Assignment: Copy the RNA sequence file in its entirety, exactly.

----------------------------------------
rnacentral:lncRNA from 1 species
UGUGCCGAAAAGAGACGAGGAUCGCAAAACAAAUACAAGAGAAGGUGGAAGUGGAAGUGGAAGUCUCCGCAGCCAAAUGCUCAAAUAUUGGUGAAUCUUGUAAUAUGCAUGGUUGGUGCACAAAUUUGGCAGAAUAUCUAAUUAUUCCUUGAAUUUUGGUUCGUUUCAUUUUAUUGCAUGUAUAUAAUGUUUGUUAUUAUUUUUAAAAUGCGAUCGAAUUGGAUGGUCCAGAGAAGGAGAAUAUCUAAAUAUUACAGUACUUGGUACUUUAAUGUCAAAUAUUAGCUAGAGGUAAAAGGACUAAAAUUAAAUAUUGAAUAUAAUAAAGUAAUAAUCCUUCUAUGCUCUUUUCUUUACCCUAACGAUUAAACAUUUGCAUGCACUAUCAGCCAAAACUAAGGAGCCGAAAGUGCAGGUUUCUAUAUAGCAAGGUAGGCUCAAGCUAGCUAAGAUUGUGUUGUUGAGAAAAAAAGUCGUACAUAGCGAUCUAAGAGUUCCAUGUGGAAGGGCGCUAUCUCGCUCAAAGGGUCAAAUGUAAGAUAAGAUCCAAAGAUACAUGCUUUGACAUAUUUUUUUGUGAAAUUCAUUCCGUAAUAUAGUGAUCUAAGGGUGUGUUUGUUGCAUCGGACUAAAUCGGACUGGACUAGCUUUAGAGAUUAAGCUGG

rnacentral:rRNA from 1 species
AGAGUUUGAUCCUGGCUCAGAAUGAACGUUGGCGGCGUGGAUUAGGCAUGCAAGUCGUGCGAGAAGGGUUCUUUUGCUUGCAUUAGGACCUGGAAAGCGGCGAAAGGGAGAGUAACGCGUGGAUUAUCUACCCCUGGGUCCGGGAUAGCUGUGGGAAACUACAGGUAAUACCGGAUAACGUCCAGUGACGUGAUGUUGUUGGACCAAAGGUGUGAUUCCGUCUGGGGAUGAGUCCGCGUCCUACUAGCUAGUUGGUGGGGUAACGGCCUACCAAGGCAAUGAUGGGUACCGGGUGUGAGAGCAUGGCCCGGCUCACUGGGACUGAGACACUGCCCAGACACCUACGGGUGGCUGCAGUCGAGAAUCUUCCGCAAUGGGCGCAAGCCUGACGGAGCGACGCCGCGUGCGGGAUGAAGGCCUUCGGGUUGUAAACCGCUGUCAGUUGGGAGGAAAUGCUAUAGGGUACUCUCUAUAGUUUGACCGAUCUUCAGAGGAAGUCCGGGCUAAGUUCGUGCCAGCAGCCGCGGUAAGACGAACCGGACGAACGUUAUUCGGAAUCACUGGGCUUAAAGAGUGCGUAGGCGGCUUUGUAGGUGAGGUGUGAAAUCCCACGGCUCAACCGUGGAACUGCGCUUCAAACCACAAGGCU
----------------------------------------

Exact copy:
rnacentral:lncRNA from 1 species
UGUGCCGAAAAGAGACGAGGAUCGCAAAACAAAUACAAGAGAAGGUGGAAGUGGAAGUGGAAGUCUCCGCAGCCAAAUGCUCAAAUAUUGGUGAAUCUUGUAAUAUGCAUGGUUGGUGCACAAAUUUGGCAGAAUAUCUAAUUAUUCCUUGAAUUUUGGUUCGUUUCAUUUUAUUGCAUGUAUAUAAUGUUUGUUAUUAUUUUUAAAAUGCGAUCGAAUUGGAUGGUCCAGAGAAGGAGAAUAUCUAAAUAUUACAGUACUUGGUACUUUAAUGUCAAAUAUUAGCUAGAGGUAAAAGGACUAAAAUUAAAUAUUGAAUAUAAUAAAGUAAUAAUCCUUCUAUGCUCUUUUCUUUACCCUAACGAUUAAACAUUUGCAUGCACUAUCAGCCAAAACUAAGGAGCCGAAAGUGCAGGUUUCUAUAUAGCAAGGUAGGCUCAAGCUAGCUAAGAUUGUGUUGUUGAGAAAAAAAGUCGUACAUAGCGAUCUAAGAGUUCCAUGUGGAAGGGCGCUAUCUCGCUCAAAGGGUCAAAUGUAAGAUAAGAUCCAAAGAUACAUGCUUUGACAUAUUUUUUUGUGAAAUUCAUUCCGUAAUAUAGUGAUCUAAGGGUGUGUUUGUUGCAUCGGACUAAAUCGGACUGGACUAGCUUUAGAGAUUAAGCUGG

rnacentral:rRNA from 1 species
AGAGUUUGAUCCUGGCUCAGAAUGAACGUUGGCGGCGUGGAUUAGGCAUGCAAGUCGUGCGAGAAGGGUUCUUUUGCUUGCAUUAGGACCUGGAAAGCGGCGAAAGGGAGAGUAACGCGUGGAUUAUCUACCCCUGGGUCCGGGAUAGCUGUGGGAAACUACAGGUAAUACCGGAUAACGUCCAGUGACGUGAUGUUGUUGGACCAAAGGUGUGAUUCCGUCUGGGGAUGAGUCCGCGUCCUACUAGCUAGUUGGUGGGGUAACGGCCUACCAAGGCAAUGAUGGGUACCGGGUGUGAGAGCAUGGCCCGGCUCACUGGGACUGAGACACUGCCCAGACACCUACGGGUGGCUGCAGUCGAGAAUCUUCCGCAAUGGGCGCAAGCCUGACGGAGCGACGCCGCGUGCGGGAUGAAGGCCUUCGGGUUGUAAACCGCUGUCAGUUGGGAGGAAAUGCUAUAGGGUACUCUCUAUAGUUUGACCGAUCUUCAGAGGAAGUCCGGGCUAAGUUCGUGCCAGCAGCCGCGGUAAGACGAACCGGACGAACGUUAUUCGGAAUCACUGGGCUUAAAGAGUGCGUAGGCGGCUUUGUAGGUGAGGUGUGAAAUCCCACGGCUCAACCGUGGAACUGCGCUUCAAACCACAAGGCU